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#1
04-22-2013, 11:35 PM
 vsuthichai Junior Member Join Date: Jan 2013 Posts: 3
Question 9

I'm having trouble understanding the problem. Picking an arbitrary triangle and N points, it seems simple to pick N points such that every point can be moved inside and outside the triangle effectively making h(x) equal to 1 or -1 at will. This obviously doesn't seem to be the correct line of thinking or else I would think the answer is just 2^N because all dichotomies are realized.

Do the chosen points within N need to consist of the three endpoints of the triangle? If that's the case, how does choice 'a' where N = 1 make up a triangle since it's only a singular point?

Any clarity is appreciated
#2
04-23-2013, 12:30 AM
 yaser Caltech Join Date: Aug 2009 Location: Pasadena, California, USA Posts: 1,477
Re: Question 9

Quote:
 Originally Posted by vsuthichai it seems simple to pick N points such that every point can be moved inside and outside the triangle effectively making h(x) equal to 1 or -1 at will. This obviously doesn't seem to be the correct line of thinking or else I would think the answer is just 2^N because all dichotomies are realized.
Indeed, this is not allowed since the points have to be fixed in position; arbitrary but fixed. The game is to generate as many dichotomies as you can on a fixed set of (carefully chosen for this purpose) points.
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#3
04-24-2013, 09:40 AM
 jlaurentum Member Join Date: Apr 2013 Location: Venezuela Posts: 41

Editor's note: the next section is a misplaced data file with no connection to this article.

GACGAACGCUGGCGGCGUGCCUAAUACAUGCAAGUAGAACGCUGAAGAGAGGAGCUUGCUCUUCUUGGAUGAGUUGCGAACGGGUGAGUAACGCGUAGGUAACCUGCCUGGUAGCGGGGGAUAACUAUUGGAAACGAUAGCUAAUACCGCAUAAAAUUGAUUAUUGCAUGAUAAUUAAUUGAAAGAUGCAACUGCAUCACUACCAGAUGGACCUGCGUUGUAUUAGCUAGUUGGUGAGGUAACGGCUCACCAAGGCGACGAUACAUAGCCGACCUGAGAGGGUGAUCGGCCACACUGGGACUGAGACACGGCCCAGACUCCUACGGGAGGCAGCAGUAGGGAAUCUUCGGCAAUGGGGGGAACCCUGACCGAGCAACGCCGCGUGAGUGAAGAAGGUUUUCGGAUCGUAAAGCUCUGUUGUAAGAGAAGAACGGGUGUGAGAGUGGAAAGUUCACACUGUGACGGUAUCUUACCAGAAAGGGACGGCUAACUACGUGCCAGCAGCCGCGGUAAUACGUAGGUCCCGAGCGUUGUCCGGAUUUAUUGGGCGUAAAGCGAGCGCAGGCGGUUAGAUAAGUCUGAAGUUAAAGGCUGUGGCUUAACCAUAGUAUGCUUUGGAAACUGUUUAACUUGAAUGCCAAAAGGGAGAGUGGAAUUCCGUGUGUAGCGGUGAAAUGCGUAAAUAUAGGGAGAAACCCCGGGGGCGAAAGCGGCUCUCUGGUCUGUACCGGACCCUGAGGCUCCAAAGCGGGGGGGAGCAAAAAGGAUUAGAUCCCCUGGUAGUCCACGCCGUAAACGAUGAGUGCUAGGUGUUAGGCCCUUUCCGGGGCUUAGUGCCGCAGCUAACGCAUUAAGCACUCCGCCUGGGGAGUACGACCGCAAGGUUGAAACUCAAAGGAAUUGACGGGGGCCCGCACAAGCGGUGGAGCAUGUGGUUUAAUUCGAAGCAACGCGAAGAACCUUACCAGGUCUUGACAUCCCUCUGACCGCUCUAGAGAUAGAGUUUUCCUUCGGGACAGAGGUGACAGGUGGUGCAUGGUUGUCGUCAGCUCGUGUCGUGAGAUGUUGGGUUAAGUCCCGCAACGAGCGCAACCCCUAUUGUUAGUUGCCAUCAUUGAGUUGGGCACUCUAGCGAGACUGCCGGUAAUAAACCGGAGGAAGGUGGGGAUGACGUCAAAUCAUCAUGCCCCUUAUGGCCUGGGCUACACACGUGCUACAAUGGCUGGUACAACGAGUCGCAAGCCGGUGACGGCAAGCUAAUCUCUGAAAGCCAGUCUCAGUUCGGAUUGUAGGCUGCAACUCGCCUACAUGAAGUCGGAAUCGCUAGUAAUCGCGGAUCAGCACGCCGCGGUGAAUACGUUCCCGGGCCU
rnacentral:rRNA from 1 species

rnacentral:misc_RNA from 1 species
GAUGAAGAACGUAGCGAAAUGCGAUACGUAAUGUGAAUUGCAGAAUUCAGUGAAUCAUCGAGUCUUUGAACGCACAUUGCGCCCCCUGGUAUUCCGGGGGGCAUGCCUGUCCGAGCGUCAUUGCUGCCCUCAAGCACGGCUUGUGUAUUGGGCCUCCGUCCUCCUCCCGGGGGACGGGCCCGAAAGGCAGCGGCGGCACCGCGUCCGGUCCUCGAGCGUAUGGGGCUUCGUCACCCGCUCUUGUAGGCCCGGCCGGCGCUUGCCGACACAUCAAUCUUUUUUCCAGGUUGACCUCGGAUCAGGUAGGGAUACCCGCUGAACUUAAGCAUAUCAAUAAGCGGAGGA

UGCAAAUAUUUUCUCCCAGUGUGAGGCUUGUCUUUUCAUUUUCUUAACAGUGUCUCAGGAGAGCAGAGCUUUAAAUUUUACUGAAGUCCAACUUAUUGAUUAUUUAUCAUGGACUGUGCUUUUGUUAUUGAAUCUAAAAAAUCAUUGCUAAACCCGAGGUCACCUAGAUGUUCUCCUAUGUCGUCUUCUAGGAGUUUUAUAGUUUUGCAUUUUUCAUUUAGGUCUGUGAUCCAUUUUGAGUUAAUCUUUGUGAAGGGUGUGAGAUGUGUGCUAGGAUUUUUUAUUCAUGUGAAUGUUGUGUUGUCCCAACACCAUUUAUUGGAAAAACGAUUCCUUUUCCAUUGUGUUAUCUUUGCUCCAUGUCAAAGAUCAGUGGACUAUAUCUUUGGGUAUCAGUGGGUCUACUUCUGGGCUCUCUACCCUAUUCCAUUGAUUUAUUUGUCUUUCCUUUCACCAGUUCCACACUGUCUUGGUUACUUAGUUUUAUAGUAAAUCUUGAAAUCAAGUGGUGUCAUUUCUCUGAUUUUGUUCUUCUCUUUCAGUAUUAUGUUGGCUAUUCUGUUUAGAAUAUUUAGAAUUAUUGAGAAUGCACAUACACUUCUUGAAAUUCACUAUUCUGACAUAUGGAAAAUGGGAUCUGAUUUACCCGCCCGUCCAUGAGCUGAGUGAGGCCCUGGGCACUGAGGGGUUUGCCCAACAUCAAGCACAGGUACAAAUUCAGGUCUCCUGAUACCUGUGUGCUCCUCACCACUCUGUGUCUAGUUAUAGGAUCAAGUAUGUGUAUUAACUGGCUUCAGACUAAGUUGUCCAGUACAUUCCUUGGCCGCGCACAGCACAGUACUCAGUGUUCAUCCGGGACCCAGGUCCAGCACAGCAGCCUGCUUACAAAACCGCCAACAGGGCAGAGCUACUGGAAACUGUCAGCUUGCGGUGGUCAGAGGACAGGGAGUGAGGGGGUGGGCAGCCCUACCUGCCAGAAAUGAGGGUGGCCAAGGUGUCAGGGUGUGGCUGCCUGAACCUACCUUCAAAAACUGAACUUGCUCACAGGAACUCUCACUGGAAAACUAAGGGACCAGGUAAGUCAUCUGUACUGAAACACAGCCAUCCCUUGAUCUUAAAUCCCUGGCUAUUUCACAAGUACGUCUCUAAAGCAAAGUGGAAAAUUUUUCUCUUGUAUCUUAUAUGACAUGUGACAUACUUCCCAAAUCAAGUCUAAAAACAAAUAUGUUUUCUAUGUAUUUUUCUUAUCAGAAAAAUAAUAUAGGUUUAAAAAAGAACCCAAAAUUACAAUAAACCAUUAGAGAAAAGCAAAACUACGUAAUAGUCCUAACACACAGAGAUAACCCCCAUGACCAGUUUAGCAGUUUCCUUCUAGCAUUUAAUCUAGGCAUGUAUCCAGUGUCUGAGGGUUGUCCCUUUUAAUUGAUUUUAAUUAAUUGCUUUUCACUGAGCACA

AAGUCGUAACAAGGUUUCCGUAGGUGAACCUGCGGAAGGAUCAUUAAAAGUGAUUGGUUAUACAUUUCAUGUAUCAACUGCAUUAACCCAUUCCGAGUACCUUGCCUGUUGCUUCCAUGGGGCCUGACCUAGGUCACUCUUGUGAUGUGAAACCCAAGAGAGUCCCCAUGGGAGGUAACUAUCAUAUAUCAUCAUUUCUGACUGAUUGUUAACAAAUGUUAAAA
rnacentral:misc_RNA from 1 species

Re: Question 9

I failed question 9 because my concept of "shattering" was erroneous. A data set of size 1 can be shattered by the triangle hypothesis set. I have not worked on justifying the right answer for this question yet, but I suppose the way to go about it would be to take the sucessive values (k=1,3,5 and so on) and see if you can choose a set of points of size k so that all dichotomies are possible. For me though, it gets a little tricky to verify that for ANY given set of k points, not all dichotomies are possible.
#4
04-24-2013, 02:28 PM
 Elroch Invited Guest Join Date: Mar 2013 Posts: 143
Re: Question 9

Quote:
 Originally Posted by jlaurentum I failed question 9 because my concept of "shattering" was erroneous. A data set of size 1 can be shattered by the triangle hypothesis set. I have not worked on justifying the right answer for this question yet, but I suppose the way to go about it would be to take the sucessive values (k=1,3,5 and so on) and see if you can choose a set of points of size k so that all dichotomies are possible. For me though, it gets a little tricky to verify that for ANY given set of k points, not all dichotomies are possible.
Well, since a triangle is a convex set, if triangles can shatter the points, none of them is in the convex hull of the rest. That implies that the points are the vertices of a convex polygon. If you consider the intersection of a triangle with such a convex polygon, its border consists partly of a subset of the border of the convex polygon and partly of parts of the sides of the triangle.

This puts a strong constraint on the way that the points are divided up by such a triangle hypothesis, if you think of the points as being connected to the ones to the left and the right in the polygon. This is enough to get the exact value of the minimum break point.

I have to admit it took me quite a while to tie this argument together.
#5
07-09-2013, 02:35 AM
 rbarve Junior Member Join Date: Jun 2013 Posts: 1
Re: Question 9

Is the answer in the Solution key for Question 9, Homework 3 correct?
#6
07-09-2013, 04:26 AM
 yaser Caltech Join Date: Aug 2009 Location: Pasadena, California, USA Posts: 1,477
Re: Question 9

Quote:
 Originally Posted by rbarve Is the answer in the Solution key for Question 9, Homework 3 correct?
Yes, it is.
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#7
03-23-2016, 07:06 AM
 khohi Member Join Date: Dec 2015 Posts: 10
Re: Question 9

thanks for this question
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